By AA6J Bill Jeffrey
Assistant Scoutmaster and Merit Badge Counselor
4. How do radio waves carry information?
Explain how radio waves carry information. Include in your explanation: transceiver, transmitter, amplifier, and antenna.
A detailed explanation of what happens inside a radio is too complicated for most Scouts. A definition of these words along with requirement 6(b) is all that is provided in the Merit Badge book for this requirement. Requirement 6b has a diagram of these items.
Receiver: Receives radio signals and converts them to audio frequencies so they can be heard
Transceiver: Transmitter and receiver in one box
Transmitter: Sends radio signals after converting the audio frequencies (speech into a microphone) to radio frequencies
Amplifier: Makes signals or sounds more powerful.
Amplifiers are inside of most transceivers, although you might add a larger one for more power if needed.
Antenna: Sends radio signals out from the transmitter and receives them for the receiver. Can vary from small whips found on a car to long single wires to large multipart beams. Size can vary from a few inches to 100's of feet long.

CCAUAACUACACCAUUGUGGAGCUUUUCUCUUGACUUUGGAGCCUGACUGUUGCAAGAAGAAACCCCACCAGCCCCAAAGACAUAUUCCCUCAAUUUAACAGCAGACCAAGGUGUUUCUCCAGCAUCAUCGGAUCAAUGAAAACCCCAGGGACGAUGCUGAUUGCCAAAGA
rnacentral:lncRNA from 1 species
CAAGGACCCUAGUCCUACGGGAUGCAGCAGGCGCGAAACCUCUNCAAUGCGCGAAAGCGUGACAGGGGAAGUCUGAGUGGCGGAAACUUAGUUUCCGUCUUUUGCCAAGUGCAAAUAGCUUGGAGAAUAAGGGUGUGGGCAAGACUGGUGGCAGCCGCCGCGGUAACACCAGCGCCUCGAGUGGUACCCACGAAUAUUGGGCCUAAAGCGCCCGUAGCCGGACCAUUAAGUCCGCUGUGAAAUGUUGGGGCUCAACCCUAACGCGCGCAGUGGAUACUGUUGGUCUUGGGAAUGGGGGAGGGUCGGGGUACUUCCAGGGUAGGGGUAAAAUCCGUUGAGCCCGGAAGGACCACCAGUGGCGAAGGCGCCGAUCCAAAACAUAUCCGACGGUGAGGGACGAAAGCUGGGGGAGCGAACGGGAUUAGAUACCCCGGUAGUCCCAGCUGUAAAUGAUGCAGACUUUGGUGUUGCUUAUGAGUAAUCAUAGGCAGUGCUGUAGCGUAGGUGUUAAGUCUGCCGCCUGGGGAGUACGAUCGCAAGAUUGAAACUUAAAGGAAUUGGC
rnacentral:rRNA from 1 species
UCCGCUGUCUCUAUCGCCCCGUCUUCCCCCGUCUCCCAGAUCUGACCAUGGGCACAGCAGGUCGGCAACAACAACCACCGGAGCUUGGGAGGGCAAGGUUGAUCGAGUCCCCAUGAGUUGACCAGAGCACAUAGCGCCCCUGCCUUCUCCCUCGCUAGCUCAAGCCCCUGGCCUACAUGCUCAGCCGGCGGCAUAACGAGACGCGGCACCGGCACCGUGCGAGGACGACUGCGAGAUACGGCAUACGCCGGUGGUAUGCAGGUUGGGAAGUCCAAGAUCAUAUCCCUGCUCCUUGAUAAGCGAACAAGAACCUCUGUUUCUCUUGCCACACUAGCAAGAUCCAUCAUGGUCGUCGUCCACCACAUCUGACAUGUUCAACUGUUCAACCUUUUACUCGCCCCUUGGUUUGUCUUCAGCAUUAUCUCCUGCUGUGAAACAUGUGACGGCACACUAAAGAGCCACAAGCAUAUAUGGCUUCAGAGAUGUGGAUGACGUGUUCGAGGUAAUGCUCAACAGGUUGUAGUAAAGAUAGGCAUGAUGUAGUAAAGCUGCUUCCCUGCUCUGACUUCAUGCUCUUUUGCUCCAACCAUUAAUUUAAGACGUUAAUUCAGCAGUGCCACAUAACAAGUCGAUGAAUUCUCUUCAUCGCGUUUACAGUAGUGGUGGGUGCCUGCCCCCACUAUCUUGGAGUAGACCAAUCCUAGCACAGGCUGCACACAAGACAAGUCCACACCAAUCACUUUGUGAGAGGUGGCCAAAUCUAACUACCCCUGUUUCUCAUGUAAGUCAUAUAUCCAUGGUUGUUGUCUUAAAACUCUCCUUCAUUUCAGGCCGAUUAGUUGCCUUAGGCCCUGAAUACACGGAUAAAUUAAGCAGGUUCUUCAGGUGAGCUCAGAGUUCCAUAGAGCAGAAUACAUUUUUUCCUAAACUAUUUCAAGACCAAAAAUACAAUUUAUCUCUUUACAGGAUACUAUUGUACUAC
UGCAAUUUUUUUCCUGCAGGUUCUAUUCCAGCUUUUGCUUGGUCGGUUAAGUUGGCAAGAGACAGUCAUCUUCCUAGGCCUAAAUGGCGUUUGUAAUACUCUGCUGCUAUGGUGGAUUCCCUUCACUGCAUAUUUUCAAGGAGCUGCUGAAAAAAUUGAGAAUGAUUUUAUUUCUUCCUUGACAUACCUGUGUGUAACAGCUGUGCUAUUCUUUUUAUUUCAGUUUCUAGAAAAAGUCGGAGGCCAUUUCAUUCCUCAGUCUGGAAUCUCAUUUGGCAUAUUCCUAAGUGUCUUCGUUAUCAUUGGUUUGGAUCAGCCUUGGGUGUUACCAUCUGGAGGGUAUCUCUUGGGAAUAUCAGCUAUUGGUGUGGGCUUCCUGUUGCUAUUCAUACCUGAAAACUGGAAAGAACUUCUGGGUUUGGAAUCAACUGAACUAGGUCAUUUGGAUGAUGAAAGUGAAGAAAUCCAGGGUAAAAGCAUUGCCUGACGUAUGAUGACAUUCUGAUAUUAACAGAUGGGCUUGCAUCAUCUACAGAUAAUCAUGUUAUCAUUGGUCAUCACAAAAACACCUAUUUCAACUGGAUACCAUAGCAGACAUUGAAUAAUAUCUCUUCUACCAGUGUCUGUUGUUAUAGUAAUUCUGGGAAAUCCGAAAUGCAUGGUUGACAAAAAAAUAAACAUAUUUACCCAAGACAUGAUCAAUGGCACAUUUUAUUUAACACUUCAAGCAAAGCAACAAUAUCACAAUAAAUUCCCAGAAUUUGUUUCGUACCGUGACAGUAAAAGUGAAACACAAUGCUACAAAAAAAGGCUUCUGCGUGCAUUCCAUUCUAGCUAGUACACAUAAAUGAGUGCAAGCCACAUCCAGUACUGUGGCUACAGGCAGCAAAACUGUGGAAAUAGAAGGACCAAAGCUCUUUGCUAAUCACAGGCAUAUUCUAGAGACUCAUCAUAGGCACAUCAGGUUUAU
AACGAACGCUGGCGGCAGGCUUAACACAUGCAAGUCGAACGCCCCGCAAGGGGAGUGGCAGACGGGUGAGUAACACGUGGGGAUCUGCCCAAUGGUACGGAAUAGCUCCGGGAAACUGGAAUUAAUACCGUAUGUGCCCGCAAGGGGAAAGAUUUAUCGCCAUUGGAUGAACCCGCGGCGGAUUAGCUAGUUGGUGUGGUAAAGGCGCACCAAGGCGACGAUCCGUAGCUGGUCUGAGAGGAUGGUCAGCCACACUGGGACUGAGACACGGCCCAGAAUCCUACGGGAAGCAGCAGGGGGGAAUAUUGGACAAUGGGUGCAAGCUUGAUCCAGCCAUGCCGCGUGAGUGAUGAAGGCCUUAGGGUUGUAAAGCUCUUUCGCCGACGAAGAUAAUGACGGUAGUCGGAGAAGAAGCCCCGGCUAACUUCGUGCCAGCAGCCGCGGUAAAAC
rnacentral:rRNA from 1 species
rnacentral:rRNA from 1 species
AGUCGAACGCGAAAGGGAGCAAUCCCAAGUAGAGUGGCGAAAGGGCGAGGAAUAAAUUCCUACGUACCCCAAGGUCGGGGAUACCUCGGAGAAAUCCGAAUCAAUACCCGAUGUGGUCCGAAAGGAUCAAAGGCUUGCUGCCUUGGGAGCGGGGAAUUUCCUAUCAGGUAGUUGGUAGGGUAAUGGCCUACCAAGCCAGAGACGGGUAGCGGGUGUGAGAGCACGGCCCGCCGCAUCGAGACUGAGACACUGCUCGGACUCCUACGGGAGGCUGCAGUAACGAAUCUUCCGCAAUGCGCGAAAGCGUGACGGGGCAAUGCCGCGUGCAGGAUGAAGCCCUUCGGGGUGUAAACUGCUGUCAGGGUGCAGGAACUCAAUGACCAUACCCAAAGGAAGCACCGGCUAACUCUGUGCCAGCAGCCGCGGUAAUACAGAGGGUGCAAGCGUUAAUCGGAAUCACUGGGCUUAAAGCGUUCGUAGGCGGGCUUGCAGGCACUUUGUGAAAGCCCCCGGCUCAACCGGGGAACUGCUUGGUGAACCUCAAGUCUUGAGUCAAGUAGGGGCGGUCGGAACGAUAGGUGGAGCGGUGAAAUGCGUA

There are several ways ("modes") a ham can send a message. Of course you understand voice, called "phone," using a microphone. This can be sent using Single Side Band (SSB), Frequency Modulation (FM), or Amplitude Modulation (AM - not used much by hams). Then there's Morse Code, which we call CW for Continuous Wave. Other modes include packet (digital using a computer hooked up to a radio) and RTTY (sort of like teletype).
|These notes are designed to help the Scout earn a merit badge that sometimes can seem a bit difficult. They are not intended to replace the Radio Merit Badge book.You will still need to meet with a merit badge counselor.|
4Links about this requirement below:
Copyright Bill Jeffrey 2000-2002. Rights to
reproduce and use for nonprofit purposes given.
Please do not copy this material to another web page. Thank you.
Modes and Modulation by DXing.com has more detailed explanations of the different modes used in ham radio.
AC6V's DX & Amateur Radio - My friend Rod has the world's best collection of links to amateur radio information.
Last update February 3, 2002